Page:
However, it was not Bob Barker who was the original host of the show. During 1956 when the show was first launched to 1965, Bill Cullen was the host of the show. Bill Cullen, who was dubbed as the “dean of game shows,” hosted 35 different game shows during his career.
When Bob Barker had to retire, there was a big shoes to fill. The audiences loved Barker as he hosted the show for decades, and the host before him (Cullen) was a bigtime host too. Drew Carey was selected to be his successor, and bested out other hopefuls who wanted the role, such as George Hamilton, Mario Lopez and Rosie O’ Donnell.
The producers admitted that the legendary Bob Barker was hard to replace. In an attempt to make the transition to Carey favorable for the audiences, producer Roger Dobkowitz confessed that the prizes got a little better and the games were made a little easier. Dobkowitz sweetened the deal by ignoring prize budgets and scheduling easier games, as it was very important for the first couple of months of the show with the new host to have a lot of winners, in order to keep the audiences hooked. It worked a little too well, as Carey’s hosting was praised, but the show came in over budget of $700,000.
Memorable winning records
As a game show that has been on air for more than 50 years, The Price is Right definitely had epic winning moments that made everyone shout and scream, whether on the set or in front of their TVs. Here are some of those memorable wins on the show:
- The most valuable single prize in the show’s history went to Sheree Heil of Tacoma, WA. In 2013, she took home an Audi R8 V-8 Spyder (worth $157,300). It was a rare win, as many of the prizes in the show are household items. However, once in a while the show will give away something really pricey, like a 458 Ferrari Spider worth $285,716 (but nobody won).
- The biggest winner of all time on the history of the show, as well as the show’s first million-dollar winner and record-holder for the biggest winnings on a primetime show is held by Adam Rose of Los Osos, CA. On February 2008, the first The Price Is Right $1,000,000 Spectacular episode since Carey became host, Rose won big, as he got $20,000 playing Grand Game, and even won both showcases that included a Cadillac XLR convertible from his own showcase, and a Ford Escape Hybrid from his opponent’s showcase. To top that big prizes, he also got a $1 million bonus for being within $1,000 of the actual retail price of his own showcase, bringing his total winnings to $1,153,908.
- The primetime specials of the show had garnered a lot of big winners, but it was rare for the daytime version. The record for the biggest winner in daytime TV history went to Christen Freeman. In 2016, Freeman won $210,000 in cash for playing Cliff Hangers. For that episode, the game rules were modified to offer the jackpot prize of $250,000, which was reduced by $10,000 for every step the mountain climber took. In addition to her big prize, she also won a One Bid prize and a $1,000 during the Showcase Showdown, garnering Freeman a total of $212,879.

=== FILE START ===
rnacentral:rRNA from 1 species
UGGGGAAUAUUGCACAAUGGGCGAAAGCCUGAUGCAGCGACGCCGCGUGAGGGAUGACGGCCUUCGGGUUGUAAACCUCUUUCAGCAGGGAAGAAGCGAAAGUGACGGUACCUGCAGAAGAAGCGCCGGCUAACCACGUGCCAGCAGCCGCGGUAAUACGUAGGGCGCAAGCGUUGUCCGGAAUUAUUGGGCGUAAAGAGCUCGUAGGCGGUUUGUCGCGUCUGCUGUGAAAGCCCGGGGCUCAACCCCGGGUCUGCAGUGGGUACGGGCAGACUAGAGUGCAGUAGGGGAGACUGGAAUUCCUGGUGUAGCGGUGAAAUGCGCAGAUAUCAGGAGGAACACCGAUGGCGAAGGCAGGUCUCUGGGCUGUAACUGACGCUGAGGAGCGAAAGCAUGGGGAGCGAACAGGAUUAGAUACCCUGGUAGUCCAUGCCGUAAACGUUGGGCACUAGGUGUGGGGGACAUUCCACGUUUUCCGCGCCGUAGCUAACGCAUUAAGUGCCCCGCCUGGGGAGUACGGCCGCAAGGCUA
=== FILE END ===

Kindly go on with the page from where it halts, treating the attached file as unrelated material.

- Three contestants set a record in 2017 by winning a combined $80,000 in one round on the Showcase Showdown, a.k.a. The Big Wheel. All three of them managed to spin $1, which is a very rare occurrence. Each three of them received $10,000 for that lucky spin. Each received a bonus spin, which upped the stakes a bit. Two of the three contestants hit the $1 jackpot again, so they both receive an additional $25,000. If you do the math, both took home $35,000 each, while the other player received the preliminary $10,000 win. Combined, the show gave away $80,000 on this game alone, which was the most amount of money ever given away on the Showcase Showdown.
There also was a contestant who didn’t just win, but made the first perfect bid on the value of the Showcase. In 2008, Terry Kneiss correctly guessed the value of the showcase right to the last dollar, as his perfect guess of $23,743 won him both showcases. His guess was too exact to be true, so the taping of the show was immediately stopped as Carey and the show staffers became concerned that the game was rigged and that Kneiss was cheating. It was later learned that by constantly watching the show, by noting the frequency of certain products showing up, and by using statistical analysis, Kneiss and his wife Linda (who was in the studio audience) had legitimately guessed the exact prices of the items in the showcase. For more information about game shows, you may also read our article, Which Game Shows Defined the 1960s Television Experience?